KENJI PROUDLY PRESENTS: THE VERY BEST OF FRED ASTAIRE
Fred Astaire, May 10, 1899- June 22, 1987.
At the age of 15 i saw my first Astaire film, expecting some old fuddy duddy ballroom dancer. My oh my. Was there ever a more wonderful gift to the screen? Throw clichés and superlatives his way , but i don’t think we’ll ever see his like again. Thanks to Fred, this is my best list
MY FAVOURITE ROUTINES. PART 1
Puttin on the Ritz (Blue Skies)
Dancing in the Dark (The Band Wagon)
Girl Hunt: A Mystery in Jazz (The Band Wagon)
Never Gonna Dance (Swing Time)
Let’s face the Music and Dance (Follow the Fleet)
Cheek to Cheek (Top Hat)
He Loves and She Loves (Funny Face)
Top Hat, White Tie and Tails (Top Hat)- dance begins at 0:42, best quality youtube videos disabled.
Begin the Beguine (Broadway Melody of 1940)
Bojangles of Harlem (Swing Time)
Smoke Gets in your Eyes (Roberta)
“Some people seem to think that good dancers are born” (Fred)
“The history of dance on film begins with Astaire” (Gene Kelly)
“The closest we are ever likely to get to a human Mickey Mouse” (Graham Greene)
FREDERICK AUSTERLITZ was born on May 10, 1899 in Omaha, Nebraska to Frederic E. Austerlitz, an Austrian immigrant and traveling salesman, and his wife Ann Geilus Austerlitz. His sister Adele, older by eighteen months, showed a talent for dancing at an early age, and although only four years old, young Fred accompanied his sister to ballet school. In 1904, Mrs. Austerlitz moved with the children to New York where they were enrolled in a performing arts school run by Ned Wayburn, one of the pioneers of modern tap dancing. The following year Fred and Adele made their vaudeville debut on a stage in New Jersey as a miniature bride and groom, and began touring on the Orpheum circuit in an act called “Juvenile Artists Presenting an Electric Musical Toe-Dancing Novelty.” Though Fred sporadically attended public school in New Jersey, most of his schooling came on the road under his mother’s tutelage.
With the advent of World War I, the Austerlitz’s anglicized their name to “Astaire” and the teenage brother-sister hoofers began to make the new name famous. In 1917 the pair made their Broadway debut in a musical revue called “Over the Top,” and although the show itself didn’t fare well, the Astaires received very positive notices. Though they seldom had any lines, Fred and Adele danced their way through a number of musical revues until in 1922 they were cast in “For Goodness’ Sake” with songs by George and Ira Gershwin. Although they had sixth billing, they stole the show.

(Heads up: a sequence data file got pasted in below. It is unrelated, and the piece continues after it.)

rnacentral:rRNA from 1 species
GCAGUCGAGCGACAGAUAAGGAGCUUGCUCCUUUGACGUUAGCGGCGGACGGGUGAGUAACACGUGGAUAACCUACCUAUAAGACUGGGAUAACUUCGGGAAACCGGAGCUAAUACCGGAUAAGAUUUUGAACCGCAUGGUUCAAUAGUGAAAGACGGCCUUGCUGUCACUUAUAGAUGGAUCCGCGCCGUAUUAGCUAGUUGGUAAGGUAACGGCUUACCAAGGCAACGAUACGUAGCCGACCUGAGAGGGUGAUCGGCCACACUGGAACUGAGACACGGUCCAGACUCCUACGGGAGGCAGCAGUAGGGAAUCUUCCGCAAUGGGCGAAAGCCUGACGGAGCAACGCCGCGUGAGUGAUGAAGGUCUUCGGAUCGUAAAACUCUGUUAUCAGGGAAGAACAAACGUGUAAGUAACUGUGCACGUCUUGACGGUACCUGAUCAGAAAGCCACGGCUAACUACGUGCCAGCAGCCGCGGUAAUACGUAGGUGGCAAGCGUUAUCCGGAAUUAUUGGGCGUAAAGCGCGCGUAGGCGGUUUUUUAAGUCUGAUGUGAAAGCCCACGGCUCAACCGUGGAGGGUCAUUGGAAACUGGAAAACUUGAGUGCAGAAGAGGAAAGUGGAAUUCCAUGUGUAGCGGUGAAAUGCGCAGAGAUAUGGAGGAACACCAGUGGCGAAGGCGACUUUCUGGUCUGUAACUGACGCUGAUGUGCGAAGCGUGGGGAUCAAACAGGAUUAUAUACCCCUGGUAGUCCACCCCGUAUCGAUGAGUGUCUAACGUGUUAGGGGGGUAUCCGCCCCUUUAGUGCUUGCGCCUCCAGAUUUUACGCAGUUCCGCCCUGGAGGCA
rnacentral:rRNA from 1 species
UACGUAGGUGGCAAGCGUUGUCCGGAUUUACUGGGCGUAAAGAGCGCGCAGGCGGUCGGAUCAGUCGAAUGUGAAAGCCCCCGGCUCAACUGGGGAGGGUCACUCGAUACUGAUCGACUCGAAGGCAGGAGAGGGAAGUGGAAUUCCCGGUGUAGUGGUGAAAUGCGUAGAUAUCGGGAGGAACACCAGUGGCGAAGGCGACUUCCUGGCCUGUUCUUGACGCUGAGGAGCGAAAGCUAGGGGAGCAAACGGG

Fred with his sister Adele in 1919
Throughout the 1920s, the Astaires danced their way to stardom by way of such triumphs as “Funny Face,” “Lady, Be Good!” and “The Band Wagon.” However in 1932, Adele retired from show business to marry Lord Charles Cavendish, and Fred was left to fend for himself. Because his sister was usually regarded as the better dancer of the two, and the plots of most of their shows together accommodated the fact that they were siblings in real life, Fred was not regarded as much of a romantic leading man. In 1932 however, he struck out on his own with a new partner, Claire Luce, starring in Cole Porter’s comedy musical “The Gay Divorce” in which he introduced the song “Night and Day.” “The Gay Divorce” would be Fred’s last stage musical.
That same year, anxious to escape his reputation as Adele’s brother, Fred made a screen test for RKO and was signed by studio head David O. Selznick despite doubts about his physical appearance and acting ability. Because RKO had no projects ready for him, Fred made his film debut on loan-out to MGM in DANCING LADY (1933) with Joan Crawford and Clark Gable. He had one number. Still without work at RKO, Fred went to London to tour with “The Gay Divorce.” When he returned, he was cast as an accordion player in a musical love-triangle story starring Gene Raymond, Dolores Del Rio and Raul Roulien called FLYING DOWN TO RIO (1933). His female counterpart in the film was an up-and-coming RKO contract player named Ginger Rogers, and after their one dance number together stole the picture from the three stars, Fred and Ginger became the silver screen’s most popular dancing duo.
Astaire and Rogers made a total of nine musicals together at RKO between 1933 and 1939, and though Ginger made several other comedies and solo musicals between her films with Fred, Astaire made only one film without Rogers — DAMSEL IN DISTRESS (1937) with Joan Fontaine. It was the only film of his career to lose money at the box-office. More than just a dancer in his films with Rogers, Astaire proved himself an accomplished choreographer. With the help of RKO dance director Hermes Pan, he spent months experimenting with new moves and developing fresh routines for the films. The easygoing air that became his trademark both in his tap solos and tap/ballroom numbers with Rogers resulted from hours of painstaking work. Astaire was frequently described as a perfectionist, and Adele had even nick-named him “Moaning Minnie” for his workaholic ways.